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Author Zapata, M.J.; Sullivan, S.M.P.; Gray, S.M.
Title Artificial Lighting at Night in Estuaries—Implications from Individuals to Ecosystems Type Journal Article
Year 2018 Publication Estuaries and Coasts Abbreviated Journal
Volume In press Issue Pages
Keywords Animals; Ecology
Abstract (up) Artificial lighting at night (ALAN) produced by urban, industrial, and roadway lighting, as well as other sources, has dramatically increased in recent decades, especially in coastal environments that support dense human populations. Artificial “lightscapes” are characterized by distinct spatial, temporal, and spectral patterns that can alter natural patterns of light and dark with consequences across levels of biological organization. At the individual level, ALAN can elicit a suite of physiological and behavioral responses associated with light-mediated processes such as diel activity patterns and predator-prey interactions. ALAN has also been shown to modify community composition and trophic structure, with implications for ecosystem-level processes including primary productivity, nutrient cycling, and the energetic linkages between aquatic and terrestrial systems. Here, we review the state of the science relative to the impacts of ALAN on estuaries, which is an important step in assessing the long-term sustainability of coastal regions. We first consider how multiple properties of ALAN (e.g., intensity and spectral content) influence the interaction between physiology and behavior of individual estuarine biota (drawing from studies on invertebrates, fishes, and birds). Second, we link individual- to community- and ecosystem-level responses, with a focus on the impacts of ALAN on food webs and implications for estuarine ecosystem functions. Coastal aquatic communities and ecosystems have been identified as a key priority for ALAN research, and a cohesive research framework will be critical for understanding and mitigating ecological consequences.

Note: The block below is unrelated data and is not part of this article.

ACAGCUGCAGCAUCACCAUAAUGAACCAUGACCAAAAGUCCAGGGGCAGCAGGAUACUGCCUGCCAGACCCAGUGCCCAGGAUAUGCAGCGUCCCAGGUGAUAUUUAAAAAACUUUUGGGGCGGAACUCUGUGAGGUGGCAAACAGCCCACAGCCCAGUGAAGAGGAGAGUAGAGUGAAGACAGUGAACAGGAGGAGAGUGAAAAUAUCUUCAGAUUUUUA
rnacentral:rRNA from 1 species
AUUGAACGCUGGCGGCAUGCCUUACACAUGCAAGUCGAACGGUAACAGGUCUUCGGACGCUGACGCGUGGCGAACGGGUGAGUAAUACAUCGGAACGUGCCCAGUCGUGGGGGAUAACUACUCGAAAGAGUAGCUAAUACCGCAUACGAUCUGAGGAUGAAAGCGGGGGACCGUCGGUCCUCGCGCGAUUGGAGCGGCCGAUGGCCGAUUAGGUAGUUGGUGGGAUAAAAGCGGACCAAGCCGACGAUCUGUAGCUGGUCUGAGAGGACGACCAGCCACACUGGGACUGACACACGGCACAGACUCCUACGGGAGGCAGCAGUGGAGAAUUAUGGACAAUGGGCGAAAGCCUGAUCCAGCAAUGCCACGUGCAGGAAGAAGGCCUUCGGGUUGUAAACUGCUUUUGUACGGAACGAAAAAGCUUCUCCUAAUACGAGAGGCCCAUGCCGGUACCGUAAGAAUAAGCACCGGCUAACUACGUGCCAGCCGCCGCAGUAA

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Call Number NC @ ehyde3 @ Serial 2116
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Author Lee, S-H.; Lim, H-S.
Title A Study on Sky Light Pollution based on Sky Glow in Jeju Island Type Journal Article
Year 2018 Publication Journal of the Architectural Institute of Korea Abbreviated Journal
Volume 34 Issue 4 Pages 83-91